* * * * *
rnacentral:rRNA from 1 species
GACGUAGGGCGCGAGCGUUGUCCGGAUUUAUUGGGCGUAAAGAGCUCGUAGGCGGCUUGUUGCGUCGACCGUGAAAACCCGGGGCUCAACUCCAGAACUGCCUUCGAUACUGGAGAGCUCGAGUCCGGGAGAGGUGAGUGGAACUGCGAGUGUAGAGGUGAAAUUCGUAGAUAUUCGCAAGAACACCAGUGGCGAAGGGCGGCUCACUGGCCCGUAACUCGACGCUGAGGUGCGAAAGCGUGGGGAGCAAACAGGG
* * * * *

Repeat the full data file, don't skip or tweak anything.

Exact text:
rnacentral:rRNA from 1 species
GACGUAGGGCGCGAGCGUUGUCCGGAUUUAUUGGGCGUAAAGAGCUCGUAGGCGGCUUGUUGCGUCGACCGUGAAAACCCGGGGCUCAACUCCAGAACUGCCUUCGAUACUGGAGAGCUCGAGUCCGGGAGAGGUGAGUGGAACUGCGAGUGUAGAGGUGAAAUUCGUAGAUAUUCGCAAGAACACCAGUGGCGAAGGGCGGCUCACUGGCCCGUAACUCGACGCUGAGGUGCGAAAGCGUGGGGAGCAAACAGGG